A report by The Telegraph reveals that an Oxford University biology laboratory researching COVID-19 has been hacked by a cyber gang in mid-February due to fears that the lab was attempting to sell information about the virus to the highest bidder.

According to the outlet, the hack occurred at the University of Oxford’s Division of Structural Biology, also known as Strubi. 

The Strubi lab is unrelated to the Jenner Institute, which developed a COVID-19 vaccine with pharmaceutical giant AstraZeneca. 

The hack is currently investigated by the National Cyber Security Centre (NCSC) as it attempts to “fully understand its impact.” As of now, security sources are unclear who was responsible for the attack and could not rule out the involvement of a hostile foreign state. The NCSC also noted that the cyber attack had “no impact on any clinical research.”

The lab studies the protein structures of COVID-19. Screenshots of the hackers’ access to the lab’s computer systems showed interfaces for what appear to be potential lab equipment used to purify and prepare biochemical samples, like proteins, The Telegraph reported.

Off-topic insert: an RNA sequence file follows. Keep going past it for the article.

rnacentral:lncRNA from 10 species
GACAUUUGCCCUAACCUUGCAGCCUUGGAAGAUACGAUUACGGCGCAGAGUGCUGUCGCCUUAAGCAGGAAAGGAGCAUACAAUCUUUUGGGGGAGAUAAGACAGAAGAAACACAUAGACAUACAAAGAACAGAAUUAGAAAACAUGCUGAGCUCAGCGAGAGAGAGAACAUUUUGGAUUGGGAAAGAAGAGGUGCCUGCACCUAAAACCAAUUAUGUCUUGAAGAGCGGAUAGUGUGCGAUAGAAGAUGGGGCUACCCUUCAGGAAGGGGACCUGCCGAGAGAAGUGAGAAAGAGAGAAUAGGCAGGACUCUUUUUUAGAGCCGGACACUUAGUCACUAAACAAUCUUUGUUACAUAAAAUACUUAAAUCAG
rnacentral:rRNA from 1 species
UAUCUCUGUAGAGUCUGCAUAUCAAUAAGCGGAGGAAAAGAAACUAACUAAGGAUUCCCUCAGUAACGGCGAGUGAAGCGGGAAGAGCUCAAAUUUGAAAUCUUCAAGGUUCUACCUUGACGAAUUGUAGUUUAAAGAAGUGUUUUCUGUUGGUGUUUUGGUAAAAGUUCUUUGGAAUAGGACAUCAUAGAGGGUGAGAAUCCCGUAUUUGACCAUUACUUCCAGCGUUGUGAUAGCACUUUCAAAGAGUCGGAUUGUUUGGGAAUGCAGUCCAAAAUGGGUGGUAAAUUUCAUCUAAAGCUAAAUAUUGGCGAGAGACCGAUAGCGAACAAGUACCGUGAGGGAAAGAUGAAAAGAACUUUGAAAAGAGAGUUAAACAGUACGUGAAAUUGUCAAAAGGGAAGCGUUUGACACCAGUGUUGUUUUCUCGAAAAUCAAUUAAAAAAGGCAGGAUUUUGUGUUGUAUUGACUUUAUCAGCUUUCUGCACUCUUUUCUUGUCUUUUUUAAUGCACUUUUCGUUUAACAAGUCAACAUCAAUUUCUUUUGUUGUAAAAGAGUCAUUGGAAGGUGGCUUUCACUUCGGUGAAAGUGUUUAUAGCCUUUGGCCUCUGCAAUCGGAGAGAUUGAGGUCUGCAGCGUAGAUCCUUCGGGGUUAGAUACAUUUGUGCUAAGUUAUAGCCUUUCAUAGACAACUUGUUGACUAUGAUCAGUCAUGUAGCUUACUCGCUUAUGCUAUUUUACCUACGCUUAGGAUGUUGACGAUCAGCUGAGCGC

In a statement to The Telegraph, Oxford University confirmed that Strubi had been hacked.

“We have identified and contained the problem and are now investigating further. There has been no impact on any clinical research, as this is not conducted in the affected area. As is standard with such incidents, we have notified the National Cyber Security Centre and are working with them,” an unidentified spokesperson noted. “With news about cybercriminals tampering with water purity controls, other attacks against energy companies—this type of data in the hands of cybercriminals draws many concerns,” the spokesperson also noted in a statement to Forbes.

This is not the first time that hackers have been accused of targeting COVID-19 research.

In November, Microsoft accused state actors from Russia and North Korea of targeting pharmaceutical companies and researchers working on vaccines and treatments for COVID-19. 

In a blog post at the time, Microsoft accused attackers of targeting “leading pharmaceutical companies and vaccine researchers” in Canada, France, India, South Korea and the United States.